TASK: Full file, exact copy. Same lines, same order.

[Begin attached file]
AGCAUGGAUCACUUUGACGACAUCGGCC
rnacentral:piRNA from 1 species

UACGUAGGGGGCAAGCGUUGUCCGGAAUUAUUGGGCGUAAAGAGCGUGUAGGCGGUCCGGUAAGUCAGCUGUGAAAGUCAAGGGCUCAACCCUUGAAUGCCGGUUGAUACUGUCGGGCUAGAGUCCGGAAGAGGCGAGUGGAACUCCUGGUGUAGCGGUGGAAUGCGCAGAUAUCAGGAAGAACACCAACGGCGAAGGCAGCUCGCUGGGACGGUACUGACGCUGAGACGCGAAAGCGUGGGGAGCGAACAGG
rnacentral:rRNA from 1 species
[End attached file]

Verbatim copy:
AGCAUGGAUCACUUUGACGACAUCGGCC
rnacentral:piRNA from 1 species

UACGUAGGGGGCAAGCGUUGUCCGGAAUUAUUGGGCGUAAAGAGCGUGUAGGCGGUCCGGUAAGUCAGCUGUGAAAGUCAAGGGCUCAACCCUUGAAUGCCGGUUGAUACUGUCGGGCUAGAGUCCGGAAGAGGCGAGUGGAACUCCUGGUGUAGCGGUGGAAUGCGCAGAUAUCAGGAAGAACACCAACGGCGAAGGCAGCUCGCUGGGACGGUACUGACGCUGAGACGCGAAAGCGUGGGGAGCGAACAGG
rnacentral:rRNA from 1 species